Videography - February 1997
Digital Studio Turns a Product into an Environment
An interesting shift is starting in the video production industry. Back in the early days of video production, which may be as recently as 10 years ago, custom-purpose black boxes were used for each function in a production suite. There was the graphics box, the editing box, the compositing box, the audio box, etc. These products were designed for a single purpose and were not necessarily expected to communicate with each other in any reasonable manner.
More recently, the trend has been toward open production platforms. This could be seen in two very different ways, although both gave similar results. One the one side were standalone systems that became "aware" of the other pieces of the production puzzle. Using some type of data interchange, it became possible to move information between these systems. The first common data exchange format may have been Truevision's TGA file format, which could be used by a large number of animation and graphics systems. Other formats such as Avid's OMF (Open Media Framework) allow many systems to exchange other types of information.
The second type of open system was usually contained on a single machine. How many systems are out there with separate software packages for paint, animation, compositing, editing and audio all loaded on a single machine and (hopefully) sharing files between applications? The nice thing about this scenario was that all the data was readily available from a single source. The two major disadvantages are that (1) each package has its own interface and (2) only one of the packages can be used at a time.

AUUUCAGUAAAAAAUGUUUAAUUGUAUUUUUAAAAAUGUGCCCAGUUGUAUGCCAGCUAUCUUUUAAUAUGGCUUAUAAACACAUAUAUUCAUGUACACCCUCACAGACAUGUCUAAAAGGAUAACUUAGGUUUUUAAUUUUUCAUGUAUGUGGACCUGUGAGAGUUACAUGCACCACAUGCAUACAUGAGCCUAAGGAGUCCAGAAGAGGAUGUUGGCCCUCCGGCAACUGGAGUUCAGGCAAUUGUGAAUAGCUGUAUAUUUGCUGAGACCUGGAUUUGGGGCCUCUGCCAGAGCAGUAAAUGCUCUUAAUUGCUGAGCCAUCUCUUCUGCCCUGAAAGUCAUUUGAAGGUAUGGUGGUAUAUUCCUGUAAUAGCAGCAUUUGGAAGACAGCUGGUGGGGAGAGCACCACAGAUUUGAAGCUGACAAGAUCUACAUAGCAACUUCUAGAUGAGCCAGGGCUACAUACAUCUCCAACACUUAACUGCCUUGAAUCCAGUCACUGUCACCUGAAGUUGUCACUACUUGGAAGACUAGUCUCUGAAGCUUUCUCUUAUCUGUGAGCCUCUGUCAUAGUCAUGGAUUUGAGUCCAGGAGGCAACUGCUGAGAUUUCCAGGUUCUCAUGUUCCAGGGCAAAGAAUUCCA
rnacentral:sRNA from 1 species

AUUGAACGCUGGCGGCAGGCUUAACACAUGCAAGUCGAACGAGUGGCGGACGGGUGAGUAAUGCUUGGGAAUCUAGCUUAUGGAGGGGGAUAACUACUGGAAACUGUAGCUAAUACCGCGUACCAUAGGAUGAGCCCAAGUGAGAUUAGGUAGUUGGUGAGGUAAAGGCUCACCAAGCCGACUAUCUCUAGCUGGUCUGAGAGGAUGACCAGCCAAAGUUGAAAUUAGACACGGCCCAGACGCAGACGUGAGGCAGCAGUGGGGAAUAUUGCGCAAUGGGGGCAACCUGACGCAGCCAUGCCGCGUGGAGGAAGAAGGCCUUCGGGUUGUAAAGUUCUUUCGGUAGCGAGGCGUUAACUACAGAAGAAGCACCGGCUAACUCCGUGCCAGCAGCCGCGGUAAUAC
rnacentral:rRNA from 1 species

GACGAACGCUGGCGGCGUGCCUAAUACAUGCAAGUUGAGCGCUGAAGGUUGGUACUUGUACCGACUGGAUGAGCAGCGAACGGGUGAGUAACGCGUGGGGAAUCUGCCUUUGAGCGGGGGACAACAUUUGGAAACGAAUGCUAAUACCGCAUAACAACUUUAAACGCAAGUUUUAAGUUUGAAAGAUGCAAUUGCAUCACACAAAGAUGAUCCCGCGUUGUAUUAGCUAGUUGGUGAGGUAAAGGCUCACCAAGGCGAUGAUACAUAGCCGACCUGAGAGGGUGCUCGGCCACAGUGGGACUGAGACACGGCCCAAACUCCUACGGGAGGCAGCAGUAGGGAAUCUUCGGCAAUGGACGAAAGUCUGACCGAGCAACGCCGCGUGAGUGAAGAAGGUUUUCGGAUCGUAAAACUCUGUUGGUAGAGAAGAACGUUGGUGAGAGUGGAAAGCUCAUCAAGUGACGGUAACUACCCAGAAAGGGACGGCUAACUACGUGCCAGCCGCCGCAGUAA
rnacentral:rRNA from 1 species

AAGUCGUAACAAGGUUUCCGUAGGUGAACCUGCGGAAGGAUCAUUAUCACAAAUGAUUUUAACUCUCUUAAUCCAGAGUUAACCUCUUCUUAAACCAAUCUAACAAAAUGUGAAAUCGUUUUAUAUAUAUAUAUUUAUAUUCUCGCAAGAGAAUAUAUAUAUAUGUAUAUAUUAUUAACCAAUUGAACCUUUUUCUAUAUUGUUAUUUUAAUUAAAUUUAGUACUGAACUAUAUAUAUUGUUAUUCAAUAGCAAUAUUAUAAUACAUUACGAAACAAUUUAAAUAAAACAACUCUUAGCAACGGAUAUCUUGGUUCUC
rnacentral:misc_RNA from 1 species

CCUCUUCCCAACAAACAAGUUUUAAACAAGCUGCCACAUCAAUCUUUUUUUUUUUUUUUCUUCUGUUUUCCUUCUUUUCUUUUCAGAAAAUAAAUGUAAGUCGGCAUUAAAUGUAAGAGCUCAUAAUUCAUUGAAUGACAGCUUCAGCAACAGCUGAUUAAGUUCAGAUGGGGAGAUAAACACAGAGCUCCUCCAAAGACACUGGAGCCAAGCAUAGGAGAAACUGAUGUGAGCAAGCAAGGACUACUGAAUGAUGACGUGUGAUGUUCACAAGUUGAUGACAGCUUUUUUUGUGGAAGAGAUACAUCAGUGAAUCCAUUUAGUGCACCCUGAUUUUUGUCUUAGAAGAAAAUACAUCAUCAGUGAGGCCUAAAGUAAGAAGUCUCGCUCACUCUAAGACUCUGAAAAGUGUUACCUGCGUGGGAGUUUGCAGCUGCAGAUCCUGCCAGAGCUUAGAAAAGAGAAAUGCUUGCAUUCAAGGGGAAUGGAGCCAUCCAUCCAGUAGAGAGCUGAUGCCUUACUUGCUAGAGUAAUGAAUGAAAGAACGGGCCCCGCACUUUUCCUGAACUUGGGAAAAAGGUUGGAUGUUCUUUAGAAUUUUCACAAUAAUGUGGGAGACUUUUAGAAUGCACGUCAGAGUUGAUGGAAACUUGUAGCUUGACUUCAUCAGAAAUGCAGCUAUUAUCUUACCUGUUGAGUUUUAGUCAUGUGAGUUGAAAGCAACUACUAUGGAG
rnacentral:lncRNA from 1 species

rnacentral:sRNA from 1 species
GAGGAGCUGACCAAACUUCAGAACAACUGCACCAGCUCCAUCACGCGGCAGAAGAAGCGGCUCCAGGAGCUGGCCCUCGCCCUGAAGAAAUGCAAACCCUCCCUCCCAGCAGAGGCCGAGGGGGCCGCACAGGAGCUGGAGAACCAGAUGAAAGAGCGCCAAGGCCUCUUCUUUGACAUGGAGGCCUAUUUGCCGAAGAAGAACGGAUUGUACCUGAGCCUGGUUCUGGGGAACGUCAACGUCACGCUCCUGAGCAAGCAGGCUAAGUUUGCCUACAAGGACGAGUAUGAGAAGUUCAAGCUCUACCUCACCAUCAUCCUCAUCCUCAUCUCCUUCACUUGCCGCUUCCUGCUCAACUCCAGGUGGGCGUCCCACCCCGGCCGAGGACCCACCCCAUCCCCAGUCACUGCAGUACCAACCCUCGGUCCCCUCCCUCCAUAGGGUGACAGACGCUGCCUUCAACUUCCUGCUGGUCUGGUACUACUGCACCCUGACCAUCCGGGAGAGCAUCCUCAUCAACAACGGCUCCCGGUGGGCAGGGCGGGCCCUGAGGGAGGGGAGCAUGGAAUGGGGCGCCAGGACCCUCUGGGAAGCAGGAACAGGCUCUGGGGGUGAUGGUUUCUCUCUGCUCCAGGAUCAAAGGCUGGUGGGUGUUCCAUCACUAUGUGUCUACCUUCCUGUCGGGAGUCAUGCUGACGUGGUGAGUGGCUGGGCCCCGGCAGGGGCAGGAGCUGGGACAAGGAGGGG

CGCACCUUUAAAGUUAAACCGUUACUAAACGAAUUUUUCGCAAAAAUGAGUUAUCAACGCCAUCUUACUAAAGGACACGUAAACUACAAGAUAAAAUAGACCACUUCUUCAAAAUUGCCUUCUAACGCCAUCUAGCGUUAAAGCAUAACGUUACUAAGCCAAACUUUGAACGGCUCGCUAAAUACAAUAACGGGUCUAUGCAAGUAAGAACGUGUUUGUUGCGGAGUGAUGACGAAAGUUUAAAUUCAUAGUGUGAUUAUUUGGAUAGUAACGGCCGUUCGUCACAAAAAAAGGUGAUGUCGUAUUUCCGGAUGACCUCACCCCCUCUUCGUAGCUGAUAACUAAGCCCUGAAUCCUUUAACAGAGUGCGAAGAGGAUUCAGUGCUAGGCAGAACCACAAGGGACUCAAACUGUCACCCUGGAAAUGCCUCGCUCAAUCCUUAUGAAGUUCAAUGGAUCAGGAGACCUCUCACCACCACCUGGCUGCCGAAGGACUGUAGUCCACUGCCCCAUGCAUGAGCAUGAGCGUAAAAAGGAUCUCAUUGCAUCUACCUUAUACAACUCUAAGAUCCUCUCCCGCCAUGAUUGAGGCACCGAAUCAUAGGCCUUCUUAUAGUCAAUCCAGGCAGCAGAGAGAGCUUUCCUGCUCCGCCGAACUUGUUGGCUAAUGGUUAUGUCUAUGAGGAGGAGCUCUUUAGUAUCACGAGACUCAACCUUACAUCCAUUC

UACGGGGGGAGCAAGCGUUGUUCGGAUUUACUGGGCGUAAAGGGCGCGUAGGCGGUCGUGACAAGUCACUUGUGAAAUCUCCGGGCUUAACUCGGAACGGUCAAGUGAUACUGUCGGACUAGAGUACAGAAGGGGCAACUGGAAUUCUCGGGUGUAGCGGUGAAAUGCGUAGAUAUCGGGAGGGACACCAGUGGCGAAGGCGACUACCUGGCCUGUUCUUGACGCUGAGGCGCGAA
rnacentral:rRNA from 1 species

Reestablishing the Creative Process
Softimage, which was acquired by Microsoft a few years ago, is looking to change all that with the introduction of the Softimage Digital Studio. Although the vision for this product started with Daniel Langlois, President of Softimage, the execution is easier due to the expertise of their parent company. In fact, the company refers to Digital Studio as a "Creative Environment" rather than simply a product. Although the same term was applied to their original Softimage 3D product, it seems to be more appropriate in this case due to the breadth and scope of the functions included in the system.
Michael Stojda is the Digital Studio Product Manager and understands the vision behind its development. "This industry has been a collection of disparate products that don't talk to each other. When you move from one type of task to another, you change the way you do things. Sometimes, this change is so drastic that you need to change operators." Every project starts with a vision, adds Stojda, and if "you need to use 5 different tools to develop the story, you'll lose parts of it" during the process.
In this type of setting, the other thing that can happen is that the tools start to define "how things will be done and how they will look," explains Stojda. "We wanted to create an environment where people, not tools, are in control. Our goal is to remove the barriers that impact creativity so that the tools are almost an unconscious part of the process."